I use ACV all Spring & Fall but not so much in Summer except for with newly hived packages.  It extends the life of the syrup and seems to aid against Nosema.  I currently recommend it to everyone  (sans, maybe, what MB has to say about it...)
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Finski
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« Reply #15 on: May 17, 2011, 09:29:52 AM »

Apple Cider Vinegar Huh Anyone


Tommyt

Why?

Once I feeded home wine that in drunk bees accept a new queen. When their head cleared, they killed the queen.

Bees were really drunk. When they tried to fly into upper entrrance hole, many collided against the wall.

Mere syrup is best summer drink to bees.
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Hemlock
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« Reply #16 on: May 17, 2011, 11:33:49 AM »

Finski,

The Cider is not 'Hard' cider.  It is not alcoholic it's a vinegar instead.  I understand it's pH is more on par with the bees and it keeps the mold out of syrup.  It is suppose to aid the bees against Nosema as well.

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AliciaH
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« Reply #17 on: May 17, 2011, 11:37:11 AM »

How much ACV for a gallon of syrup?
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Finski
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« Reply #18 on: May 17, 2011, 12:52:25 PM »

Finski,

The Cider is not 'Hard' cider.  It is not alcoholic it's a vinegar instead.  I understand it's pH is more on par with the bees and it keeps the mold out of syrup.  It is suppose to aid the bees against Nosema as well.



That is magic, not beekeeping.

Syrup make no food substrate to mold if it is clean.  I have studied how to avoid nosema and it does not exist in those stuffs.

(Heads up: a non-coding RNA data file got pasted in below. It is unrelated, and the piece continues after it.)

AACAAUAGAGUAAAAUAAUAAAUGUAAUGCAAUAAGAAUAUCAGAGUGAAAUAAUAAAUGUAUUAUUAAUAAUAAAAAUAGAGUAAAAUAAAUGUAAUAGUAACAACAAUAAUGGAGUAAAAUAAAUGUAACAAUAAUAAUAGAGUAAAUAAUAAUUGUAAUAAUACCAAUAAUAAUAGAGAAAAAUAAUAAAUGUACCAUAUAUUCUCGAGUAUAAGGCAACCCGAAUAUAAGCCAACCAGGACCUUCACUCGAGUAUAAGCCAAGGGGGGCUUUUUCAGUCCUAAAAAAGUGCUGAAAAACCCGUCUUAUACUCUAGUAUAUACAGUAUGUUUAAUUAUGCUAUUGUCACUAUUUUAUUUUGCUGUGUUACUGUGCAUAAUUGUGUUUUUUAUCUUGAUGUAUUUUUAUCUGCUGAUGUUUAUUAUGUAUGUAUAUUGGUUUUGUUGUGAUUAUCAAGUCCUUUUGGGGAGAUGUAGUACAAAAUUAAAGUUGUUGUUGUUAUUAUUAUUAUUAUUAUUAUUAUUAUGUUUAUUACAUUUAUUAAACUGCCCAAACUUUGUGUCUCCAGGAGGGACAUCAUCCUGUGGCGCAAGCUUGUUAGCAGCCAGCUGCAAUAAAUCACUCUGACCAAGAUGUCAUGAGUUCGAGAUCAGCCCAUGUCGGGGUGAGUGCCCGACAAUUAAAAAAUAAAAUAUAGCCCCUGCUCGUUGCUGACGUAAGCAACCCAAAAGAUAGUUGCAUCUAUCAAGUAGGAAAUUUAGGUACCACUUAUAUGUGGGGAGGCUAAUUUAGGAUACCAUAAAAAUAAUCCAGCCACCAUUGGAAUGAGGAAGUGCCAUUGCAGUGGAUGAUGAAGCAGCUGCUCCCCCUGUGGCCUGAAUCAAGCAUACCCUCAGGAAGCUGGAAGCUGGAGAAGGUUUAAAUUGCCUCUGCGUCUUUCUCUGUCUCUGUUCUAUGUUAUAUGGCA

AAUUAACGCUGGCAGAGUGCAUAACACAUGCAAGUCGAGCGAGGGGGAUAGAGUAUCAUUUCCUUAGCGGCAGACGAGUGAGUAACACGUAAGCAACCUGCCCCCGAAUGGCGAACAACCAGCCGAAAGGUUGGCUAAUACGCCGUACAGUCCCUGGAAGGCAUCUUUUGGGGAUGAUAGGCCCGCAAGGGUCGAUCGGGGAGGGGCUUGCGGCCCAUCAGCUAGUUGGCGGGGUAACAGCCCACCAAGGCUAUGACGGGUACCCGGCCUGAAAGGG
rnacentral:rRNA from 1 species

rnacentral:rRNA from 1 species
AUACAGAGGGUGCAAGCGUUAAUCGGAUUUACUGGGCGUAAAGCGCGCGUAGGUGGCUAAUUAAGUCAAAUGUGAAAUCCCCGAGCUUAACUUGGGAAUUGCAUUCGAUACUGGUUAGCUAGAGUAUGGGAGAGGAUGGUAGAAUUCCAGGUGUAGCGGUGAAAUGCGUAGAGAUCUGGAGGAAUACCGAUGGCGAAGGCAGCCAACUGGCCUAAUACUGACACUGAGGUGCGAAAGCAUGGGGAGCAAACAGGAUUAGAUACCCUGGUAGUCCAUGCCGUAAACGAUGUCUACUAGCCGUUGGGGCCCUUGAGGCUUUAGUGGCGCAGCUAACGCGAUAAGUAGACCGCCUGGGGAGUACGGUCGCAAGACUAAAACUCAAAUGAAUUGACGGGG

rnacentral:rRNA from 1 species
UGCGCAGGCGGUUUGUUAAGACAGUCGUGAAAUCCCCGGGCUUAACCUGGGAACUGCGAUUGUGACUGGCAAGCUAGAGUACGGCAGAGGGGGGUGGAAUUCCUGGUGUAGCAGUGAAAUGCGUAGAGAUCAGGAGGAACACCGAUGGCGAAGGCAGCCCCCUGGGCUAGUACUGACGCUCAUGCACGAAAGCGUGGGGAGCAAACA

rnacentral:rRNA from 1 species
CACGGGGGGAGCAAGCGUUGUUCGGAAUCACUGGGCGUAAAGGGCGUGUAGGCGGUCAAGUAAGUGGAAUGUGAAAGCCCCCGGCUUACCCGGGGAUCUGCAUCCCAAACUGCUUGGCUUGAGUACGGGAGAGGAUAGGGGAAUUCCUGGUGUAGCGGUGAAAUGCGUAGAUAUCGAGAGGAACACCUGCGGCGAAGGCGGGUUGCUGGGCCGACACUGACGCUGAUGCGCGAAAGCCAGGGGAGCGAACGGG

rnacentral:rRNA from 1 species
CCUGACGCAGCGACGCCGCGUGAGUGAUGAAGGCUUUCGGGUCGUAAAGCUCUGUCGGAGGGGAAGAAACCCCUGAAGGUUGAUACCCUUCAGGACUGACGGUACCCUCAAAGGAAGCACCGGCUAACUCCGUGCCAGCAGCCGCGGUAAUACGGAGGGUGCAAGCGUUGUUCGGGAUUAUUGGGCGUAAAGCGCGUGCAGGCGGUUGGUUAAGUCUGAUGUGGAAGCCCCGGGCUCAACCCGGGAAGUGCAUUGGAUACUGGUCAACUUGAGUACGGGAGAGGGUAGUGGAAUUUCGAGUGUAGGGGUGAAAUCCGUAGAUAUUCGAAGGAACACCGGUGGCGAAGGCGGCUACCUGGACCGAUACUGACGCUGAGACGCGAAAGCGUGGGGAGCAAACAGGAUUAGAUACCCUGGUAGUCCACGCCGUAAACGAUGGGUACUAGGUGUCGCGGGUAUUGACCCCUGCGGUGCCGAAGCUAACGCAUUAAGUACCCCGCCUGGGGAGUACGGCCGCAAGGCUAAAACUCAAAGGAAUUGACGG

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Finski
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« Reply #19 on: May 17, 2011, 01:02:19 PM »

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Research
http://www.apidologie.org/index.php?option=com_article&access=standard&Itemid=129&url=/articles/apido/abs/2008/04/m07071/m07071.html

Received 16 July 2007 - Revised 18 January 2008 - Accepted 4 March 2008 - Published online 25 June 2008

Abstract - The potential of some natural compounds (thymol, vetiver essential oil, lysozyme, resveratrol) for the control of nosema infection in honeybees was evaluated. A first trial aimed at screening substances, in candy preparations, on the basis of their toxicity to honeybees and bees' dietary preferences. None of the tested substances showed an increased bee mortality or decreased bee preference, and were therefore considered suitable for further testing. In the second trial the effects of the natural compounds on nosema diseased honeybees were evaluated: bees were individually dosed with nosema spores and fed candies prepared with the screened substances. The results showed that bees fed with thymol and resveratrol candies had significantly lower infection rates, and bees supplied with resveratrol prepared candy also lived significantly longer. We suggest that thymol and resveratrol could be useful in alternative strategies for the control of nosema disease.